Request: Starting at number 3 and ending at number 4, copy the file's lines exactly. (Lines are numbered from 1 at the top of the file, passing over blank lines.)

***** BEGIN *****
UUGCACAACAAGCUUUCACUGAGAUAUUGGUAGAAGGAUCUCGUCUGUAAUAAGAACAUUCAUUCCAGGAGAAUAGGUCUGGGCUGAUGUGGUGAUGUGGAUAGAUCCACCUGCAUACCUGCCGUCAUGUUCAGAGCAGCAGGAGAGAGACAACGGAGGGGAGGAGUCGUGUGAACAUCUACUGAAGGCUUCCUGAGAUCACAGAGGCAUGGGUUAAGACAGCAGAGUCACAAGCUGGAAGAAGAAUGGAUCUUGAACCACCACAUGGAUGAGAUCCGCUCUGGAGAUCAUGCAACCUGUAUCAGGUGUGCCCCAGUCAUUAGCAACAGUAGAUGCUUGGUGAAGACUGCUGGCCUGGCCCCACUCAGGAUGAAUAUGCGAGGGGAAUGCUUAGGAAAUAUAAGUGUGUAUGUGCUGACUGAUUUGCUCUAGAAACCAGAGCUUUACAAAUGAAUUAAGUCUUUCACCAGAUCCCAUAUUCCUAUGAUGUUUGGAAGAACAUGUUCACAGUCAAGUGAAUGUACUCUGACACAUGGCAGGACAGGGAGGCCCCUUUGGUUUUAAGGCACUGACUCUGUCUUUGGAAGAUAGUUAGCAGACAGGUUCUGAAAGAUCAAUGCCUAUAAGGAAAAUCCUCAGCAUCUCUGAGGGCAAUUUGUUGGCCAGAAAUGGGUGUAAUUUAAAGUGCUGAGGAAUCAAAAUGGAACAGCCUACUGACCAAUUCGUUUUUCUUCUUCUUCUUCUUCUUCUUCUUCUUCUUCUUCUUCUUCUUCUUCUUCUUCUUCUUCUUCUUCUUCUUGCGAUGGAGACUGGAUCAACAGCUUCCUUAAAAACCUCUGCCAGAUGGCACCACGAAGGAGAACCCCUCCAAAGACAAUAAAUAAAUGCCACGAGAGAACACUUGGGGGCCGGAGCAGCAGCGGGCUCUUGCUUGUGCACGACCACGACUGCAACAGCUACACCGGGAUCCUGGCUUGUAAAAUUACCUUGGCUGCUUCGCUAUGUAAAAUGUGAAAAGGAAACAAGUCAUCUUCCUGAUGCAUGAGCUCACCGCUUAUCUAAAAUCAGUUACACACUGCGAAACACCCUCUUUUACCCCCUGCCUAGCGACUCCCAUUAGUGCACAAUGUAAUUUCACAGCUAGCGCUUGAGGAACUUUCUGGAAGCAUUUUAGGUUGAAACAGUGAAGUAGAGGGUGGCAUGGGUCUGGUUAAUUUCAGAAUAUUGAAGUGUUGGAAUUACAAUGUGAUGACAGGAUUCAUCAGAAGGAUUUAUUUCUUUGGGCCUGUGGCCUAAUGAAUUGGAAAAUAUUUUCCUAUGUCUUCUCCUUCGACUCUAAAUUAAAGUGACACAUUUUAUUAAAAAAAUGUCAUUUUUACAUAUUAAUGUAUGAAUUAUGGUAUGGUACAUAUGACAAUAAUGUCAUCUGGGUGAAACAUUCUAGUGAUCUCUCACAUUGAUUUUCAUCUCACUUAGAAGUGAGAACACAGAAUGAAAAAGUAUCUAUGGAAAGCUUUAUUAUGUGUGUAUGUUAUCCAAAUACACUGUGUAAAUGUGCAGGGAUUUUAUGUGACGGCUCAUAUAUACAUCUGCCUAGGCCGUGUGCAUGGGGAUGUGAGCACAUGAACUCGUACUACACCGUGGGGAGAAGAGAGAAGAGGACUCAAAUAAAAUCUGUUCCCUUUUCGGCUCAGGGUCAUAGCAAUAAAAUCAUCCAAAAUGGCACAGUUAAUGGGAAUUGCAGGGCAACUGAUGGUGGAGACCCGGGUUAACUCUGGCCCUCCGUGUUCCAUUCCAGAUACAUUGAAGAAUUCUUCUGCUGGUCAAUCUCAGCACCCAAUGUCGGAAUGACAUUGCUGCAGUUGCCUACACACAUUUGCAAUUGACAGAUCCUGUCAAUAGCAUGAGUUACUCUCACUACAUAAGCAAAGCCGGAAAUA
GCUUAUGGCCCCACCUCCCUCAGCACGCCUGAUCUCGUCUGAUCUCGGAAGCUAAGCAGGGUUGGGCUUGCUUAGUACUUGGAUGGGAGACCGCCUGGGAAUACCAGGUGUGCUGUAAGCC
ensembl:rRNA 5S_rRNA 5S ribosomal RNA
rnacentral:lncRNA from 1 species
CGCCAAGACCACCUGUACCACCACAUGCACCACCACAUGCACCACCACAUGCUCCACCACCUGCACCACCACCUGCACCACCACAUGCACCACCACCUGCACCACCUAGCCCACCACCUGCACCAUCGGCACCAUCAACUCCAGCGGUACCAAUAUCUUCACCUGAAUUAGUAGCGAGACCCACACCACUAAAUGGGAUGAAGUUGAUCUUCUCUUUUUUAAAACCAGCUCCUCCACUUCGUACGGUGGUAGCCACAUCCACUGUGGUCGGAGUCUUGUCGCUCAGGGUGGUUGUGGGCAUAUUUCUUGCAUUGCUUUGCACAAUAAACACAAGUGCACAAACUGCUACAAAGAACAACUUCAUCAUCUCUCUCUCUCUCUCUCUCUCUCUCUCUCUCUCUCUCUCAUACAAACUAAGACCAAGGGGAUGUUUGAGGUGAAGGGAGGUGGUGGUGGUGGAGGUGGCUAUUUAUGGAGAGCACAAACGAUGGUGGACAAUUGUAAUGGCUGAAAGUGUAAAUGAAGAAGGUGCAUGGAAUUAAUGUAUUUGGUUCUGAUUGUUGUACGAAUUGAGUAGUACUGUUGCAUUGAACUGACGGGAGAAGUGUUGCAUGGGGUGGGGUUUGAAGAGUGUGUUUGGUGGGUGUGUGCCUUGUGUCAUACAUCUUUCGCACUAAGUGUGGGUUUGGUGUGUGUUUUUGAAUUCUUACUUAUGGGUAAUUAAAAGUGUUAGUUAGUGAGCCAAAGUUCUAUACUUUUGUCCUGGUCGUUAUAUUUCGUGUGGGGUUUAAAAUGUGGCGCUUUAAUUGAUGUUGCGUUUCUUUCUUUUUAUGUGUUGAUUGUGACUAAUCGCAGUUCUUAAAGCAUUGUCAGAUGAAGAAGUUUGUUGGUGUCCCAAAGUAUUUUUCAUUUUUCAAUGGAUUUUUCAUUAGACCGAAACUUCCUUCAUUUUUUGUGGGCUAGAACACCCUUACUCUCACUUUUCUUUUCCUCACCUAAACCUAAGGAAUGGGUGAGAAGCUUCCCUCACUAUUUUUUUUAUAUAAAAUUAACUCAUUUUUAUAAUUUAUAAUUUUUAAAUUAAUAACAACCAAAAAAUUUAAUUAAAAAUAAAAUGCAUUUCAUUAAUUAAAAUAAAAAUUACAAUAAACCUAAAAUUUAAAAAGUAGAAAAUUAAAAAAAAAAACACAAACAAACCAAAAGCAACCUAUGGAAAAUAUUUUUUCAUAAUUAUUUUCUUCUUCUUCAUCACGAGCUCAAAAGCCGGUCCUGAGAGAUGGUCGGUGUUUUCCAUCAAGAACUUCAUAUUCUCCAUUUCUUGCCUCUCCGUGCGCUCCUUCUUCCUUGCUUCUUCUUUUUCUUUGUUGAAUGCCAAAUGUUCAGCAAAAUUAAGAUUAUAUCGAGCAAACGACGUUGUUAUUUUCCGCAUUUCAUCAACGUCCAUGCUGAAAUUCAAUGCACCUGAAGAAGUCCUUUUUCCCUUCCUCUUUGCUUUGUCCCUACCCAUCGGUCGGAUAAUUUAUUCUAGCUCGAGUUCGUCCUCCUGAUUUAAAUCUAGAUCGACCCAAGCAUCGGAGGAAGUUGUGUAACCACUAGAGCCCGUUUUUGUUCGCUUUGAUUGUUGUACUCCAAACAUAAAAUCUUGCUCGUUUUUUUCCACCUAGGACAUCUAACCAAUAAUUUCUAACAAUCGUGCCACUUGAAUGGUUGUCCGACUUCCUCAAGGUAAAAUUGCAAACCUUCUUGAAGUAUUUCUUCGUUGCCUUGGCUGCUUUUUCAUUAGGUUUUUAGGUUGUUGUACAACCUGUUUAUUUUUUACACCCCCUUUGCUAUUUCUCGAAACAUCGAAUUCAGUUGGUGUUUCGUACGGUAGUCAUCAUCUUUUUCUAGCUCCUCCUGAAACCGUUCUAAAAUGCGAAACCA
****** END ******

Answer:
ensembl:rRNA 5S_rRNA 5S ribosomal RNA
rnacentral:lncRNA from 1 species